Over The Air & Over The Top At CES 2017

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Mohu's AirWave

Ask anyone in the business to name the three-letter acronym that describes the future direction of the content and device side of the back half of this decade. Most will answer “OTT,” short for “over-the-top” which is generally used to describe content delivered by streaming services via IP, rather than cable or satellite.

However, there is another important acronym: OTA. Over-the-air content — or what we used to call “terrestrial broadcasting” or just plain “broadcast TV” — is one of those things many have given up for dead. Curiously, with the growth of “cord cutters” and “cord nevers,” the appeal of high-quality, free television content is growing.

At CES 2017 that will manifest itself in several ways and multiple product areas. It goes without saying that to receive the stations along with the display, one needs both an antenna and a tuner. While it may seem obvious, large-screen projectors rarely have them and some brands are beginning to omit them. Also, computer monitors are getting larger and increasingly equipped with HDMI ports, making them a solution for smaller viewing situations where it is often hard to find a FullHD monitor.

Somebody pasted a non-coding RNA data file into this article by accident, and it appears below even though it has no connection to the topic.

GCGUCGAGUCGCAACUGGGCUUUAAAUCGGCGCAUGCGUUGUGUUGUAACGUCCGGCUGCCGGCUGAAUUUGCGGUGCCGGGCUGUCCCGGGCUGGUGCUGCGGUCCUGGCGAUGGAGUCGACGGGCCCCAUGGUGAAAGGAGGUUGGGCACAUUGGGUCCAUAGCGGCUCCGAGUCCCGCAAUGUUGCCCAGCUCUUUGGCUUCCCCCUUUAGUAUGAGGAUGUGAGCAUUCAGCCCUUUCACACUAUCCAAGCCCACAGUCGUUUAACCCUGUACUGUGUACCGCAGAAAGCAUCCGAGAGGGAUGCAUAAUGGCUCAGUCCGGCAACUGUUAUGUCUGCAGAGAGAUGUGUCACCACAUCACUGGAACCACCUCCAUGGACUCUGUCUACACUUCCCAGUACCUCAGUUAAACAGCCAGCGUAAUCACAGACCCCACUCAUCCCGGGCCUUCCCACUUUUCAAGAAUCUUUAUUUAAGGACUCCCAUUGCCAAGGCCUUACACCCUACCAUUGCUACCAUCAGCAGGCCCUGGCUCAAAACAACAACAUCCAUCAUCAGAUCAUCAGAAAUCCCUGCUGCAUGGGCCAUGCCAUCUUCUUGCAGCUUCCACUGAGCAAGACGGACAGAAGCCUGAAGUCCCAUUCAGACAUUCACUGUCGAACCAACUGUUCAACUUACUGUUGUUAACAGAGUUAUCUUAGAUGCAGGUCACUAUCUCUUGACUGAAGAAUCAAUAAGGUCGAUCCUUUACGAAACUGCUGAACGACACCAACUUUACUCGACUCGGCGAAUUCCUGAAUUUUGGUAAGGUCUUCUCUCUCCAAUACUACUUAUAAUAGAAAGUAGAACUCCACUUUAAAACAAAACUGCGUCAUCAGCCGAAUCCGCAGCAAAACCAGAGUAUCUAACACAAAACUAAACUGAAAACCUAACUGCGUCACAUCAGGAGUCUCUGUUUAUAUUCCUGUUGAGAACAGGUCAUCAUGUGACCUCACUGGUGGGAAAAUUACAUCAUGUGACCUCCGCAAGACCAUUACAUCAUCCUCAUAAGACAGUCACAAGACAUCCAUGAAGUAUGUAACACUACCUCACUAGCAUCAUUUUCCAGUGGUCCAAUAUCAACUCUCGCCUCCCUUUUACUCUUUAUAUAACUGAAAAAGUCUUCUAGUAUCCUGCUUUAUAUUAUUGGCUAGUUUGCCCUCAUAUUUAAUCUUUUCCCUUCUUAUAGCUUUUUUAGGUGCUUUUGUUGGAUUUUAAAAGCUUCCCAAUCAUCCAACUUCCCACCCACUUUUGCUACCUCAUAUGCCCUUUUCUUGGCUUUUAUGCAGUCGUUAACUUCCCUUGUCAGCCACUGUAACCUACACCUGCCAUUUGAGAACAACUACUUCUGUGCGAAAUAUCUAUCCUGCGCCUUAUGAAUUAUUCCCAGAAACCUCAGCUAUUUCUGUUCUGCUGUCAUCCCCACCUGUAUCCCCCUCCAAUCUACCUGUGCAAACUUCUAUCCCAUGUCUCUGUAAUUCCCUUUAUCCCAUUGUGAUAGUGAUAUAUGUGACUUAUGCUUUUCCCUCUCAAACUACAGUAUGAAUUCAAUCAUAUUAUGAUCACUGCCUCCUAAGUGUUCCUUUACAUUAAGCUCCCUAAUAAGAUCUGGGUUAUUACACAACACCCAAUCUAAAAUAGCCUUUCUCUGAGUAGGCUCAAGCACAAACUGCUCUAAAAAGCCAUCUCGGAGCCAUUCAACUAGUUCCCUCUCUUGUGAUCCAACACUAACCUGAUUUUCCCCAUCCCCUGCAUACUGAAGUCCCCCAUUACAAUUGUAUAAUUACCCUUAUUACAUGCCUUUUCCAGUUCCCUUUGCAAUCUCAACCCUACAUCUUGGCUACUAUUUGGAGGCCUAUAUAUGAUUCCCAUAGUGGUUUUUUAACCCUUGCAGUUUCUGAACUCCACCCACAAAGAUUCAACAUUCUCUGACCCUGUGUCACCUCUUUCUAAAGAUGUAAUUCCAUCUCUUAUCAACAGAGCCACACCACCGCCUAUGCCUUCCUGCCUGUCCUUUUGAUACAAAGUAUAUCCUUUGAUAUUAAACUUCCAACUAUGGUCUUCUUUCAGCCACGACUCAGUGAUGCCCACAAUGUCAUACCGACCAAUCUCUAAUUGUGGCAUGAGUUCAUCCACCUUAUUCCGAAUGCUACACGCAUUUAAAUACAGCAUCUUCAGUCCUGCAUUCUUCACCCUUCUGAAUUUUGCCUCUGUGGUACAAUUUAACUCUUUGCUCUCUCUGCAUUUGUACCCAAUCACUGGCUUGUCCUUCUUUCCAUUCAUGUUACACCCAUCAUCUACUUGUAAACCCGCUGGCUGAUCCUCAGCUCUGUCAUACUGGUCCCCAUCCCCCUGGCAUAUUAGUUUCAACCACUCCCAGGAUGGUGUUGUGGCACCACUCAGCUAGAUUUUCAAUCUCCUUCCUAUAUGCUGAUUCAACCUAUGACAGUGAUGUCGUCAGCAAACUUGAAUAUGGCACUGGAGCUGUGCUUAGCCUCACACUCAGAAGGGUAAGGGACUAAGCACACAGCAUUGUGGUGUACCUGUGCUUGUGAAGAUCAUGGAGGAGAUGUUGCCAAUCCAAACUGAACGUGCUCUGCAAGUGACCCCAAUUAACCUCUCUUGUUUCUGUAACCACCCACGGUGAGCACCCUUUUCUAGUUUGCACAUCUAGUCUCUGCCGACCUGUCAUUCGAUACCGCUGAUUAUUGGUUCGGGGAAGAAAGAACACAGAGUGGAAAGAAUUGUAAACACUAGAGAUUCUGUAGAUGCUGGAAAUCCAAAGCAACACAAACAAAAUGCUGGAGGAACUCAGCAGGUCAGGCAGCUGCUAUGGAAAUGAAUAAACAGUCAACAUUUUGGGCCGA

CES will host multiple off-air antennas, from simple indoor models to larger, high-gain, outdoor models for fringe reception areas. For cord-cutters whose display does not contain a tuner, there are “dongle” type tuners with UBS outputs. Hauppauge, AVerMedia and Sabrent are just a few of the well-known suppliers for that type of device.

A variety of standard off-air (ATSC to composite video or HDMI) tuners are also available, many reminiscent of the small units popular during the DTV transition some years ago. As few brand names remain active in this category, the best place to scout them out during CES is in the various international pavilions.

One interesting product to be unveiled for the first time at CES is the AirWave from longtime antenna supplier Mohu. This product combines an off-air antenna, video processing to improve image reception, and ATSC off-air tuner and Wi-Fi in one compact product. Connect it via Wi-Fi and then view the desired channels on any of the popular streaming devices, including Roku, Apple TV, Chromecast or Fire TV. An app also allows off-air streaming to iOS and Android devices or to PCs or laptops.

For those who want to combine an off-air tuner with DVR functionality, Channel Master and Nuvyyo’s Tablo fit the bill. The former records program content on a local hard drive for HDMI connection to a TV or AR, while the latter also uses an external drive but streams the content to devices in the way that the AirWave does, but adds the DVR functionality.

As we look to the future, based on current progress, by the time next year’s CES rolls around we will see TVs and set top adapters that incorporate ATSC 3.0. This new form of television transmission will bring 4K/Ultra HD capability, advanced interactive and object-based audio services, an updated emergency warning system. In many ways, ATSC 3.0 will be OTA’s “secret weapon” to compete with the latest streaming services.

While some have been saying the OTA is on the way out, a careful look around CES will show that it is very much alive, and it will present sales and profit opportunities for you for years to come.


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